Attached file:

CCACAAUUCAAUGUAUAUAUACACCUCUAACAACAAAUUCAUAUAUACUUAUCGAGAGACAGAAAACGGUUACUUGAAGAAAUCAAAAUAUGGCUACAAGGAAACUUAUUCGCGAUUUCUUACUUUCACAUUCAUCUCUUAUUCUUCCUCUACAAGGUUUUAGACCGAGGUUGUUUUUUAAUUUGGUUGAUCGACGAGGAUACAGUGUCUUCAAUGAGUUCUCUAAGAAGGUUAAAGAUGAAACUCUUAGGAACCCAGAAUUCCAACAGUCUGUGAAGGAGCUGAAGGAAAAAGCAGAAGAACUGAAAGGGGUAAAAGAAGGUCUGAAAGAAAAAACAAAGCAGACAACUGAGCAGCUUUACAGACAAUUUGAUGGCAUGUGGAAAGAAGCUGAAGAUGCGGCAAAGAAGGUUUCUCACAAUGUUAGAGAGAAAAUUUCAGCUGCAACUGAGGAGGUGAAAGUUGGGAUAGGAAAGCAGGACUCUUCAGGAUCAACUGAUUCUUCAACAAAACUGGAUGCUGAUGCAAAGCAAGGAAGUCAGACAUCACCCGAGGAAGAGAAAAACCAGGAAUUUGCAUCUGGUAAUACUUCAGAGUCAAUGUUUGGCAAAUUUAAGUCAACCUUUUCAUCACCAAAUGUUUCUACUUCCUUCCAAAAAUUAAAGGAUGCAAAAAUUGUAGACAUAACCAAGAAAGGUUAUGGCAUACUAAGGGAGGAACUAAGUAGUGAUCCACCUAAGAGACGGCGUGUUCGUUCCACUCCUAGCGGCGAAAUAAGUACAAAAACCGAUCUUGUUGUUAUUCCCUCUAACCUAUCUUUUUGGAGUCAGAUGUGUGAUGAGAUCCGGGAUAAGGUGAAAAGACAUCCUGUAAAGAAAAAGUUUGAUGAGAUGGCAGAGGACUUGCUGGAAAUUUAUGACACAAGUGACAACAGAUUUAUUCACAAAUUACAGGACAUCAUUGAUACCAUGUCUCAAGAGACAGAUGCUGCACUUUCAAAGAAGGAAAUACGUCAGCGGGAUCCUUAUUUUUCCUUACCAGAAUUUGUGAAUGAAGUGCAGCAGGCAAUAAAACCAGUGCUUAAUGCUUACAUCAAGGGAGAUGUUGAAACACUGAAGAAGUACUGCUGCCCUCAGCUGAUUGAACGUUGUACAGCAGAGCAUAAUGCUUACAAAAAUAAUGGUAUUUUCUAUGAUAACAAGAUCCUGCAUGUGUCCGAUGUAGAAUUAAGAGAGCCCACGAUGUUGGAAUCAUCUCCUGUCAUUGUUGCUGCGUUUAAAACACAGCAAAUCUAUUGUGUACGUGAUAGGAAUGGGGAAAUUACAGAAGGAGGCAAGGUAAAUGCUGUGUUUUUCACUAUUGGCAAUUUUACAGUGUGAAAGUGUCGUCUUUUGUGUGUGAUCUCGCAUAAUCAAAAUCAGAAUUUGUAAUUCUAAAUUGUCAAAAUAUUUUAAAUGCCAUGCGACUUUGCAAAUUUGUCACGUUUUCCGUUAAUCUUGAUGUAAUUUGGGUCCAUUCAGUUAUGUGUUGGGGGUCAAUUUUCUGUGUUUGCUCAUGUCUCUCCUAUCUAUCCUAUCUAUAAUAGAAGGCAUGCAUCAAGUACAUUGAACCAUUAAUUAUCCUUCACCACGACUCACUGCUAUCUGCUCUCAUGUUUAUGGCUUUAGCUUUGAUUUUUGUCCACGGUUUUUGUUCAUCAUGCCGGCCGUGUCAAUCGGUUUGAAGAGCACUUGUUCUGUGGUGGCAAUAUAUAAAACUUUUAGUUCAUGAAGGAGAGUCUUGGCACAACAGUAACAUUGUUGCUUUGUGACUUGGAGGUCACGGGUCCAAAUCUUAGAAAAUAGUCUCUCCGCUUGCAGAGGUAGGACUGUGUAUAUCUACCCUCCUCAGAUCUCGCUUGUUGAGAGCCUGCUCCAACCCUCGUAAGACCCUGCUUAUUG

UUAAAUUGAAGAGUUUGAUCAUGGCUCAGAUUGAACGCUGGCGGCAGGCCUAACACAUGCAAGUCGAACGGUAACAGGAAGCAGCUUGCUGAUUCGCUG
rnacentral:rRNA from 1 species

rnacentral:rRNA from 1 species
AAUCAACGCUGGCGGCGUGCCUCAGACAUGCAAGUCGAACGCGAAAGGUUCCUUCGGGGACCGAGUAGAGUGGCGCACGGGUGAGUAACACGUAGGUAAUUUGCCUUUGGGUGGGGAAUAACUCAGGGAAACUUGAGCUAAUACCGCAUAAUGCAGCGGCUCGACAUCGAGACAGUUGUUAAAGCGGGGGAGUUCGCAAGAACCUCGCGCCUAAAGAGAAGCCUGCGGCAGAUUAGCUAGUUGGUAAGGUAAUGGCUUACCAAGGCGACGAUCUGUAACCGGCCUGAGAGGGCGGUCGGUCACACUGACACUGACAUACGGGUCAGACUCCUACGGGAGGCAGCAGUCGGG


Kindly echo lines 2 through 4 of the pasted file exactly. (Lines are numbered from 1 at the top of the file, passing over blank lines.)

UUAAAUUGAAGAGUUUGAUCAUGGCUCAGAUUGAACGCUGGCGGCAGGCCUAACACAUGCAAGUCGAACGGUAACAGGAAGCAGCUUGCUGAUUCGCUG
rnacentral:rRNA from 1 species

rnacentral:rRNA from 1 species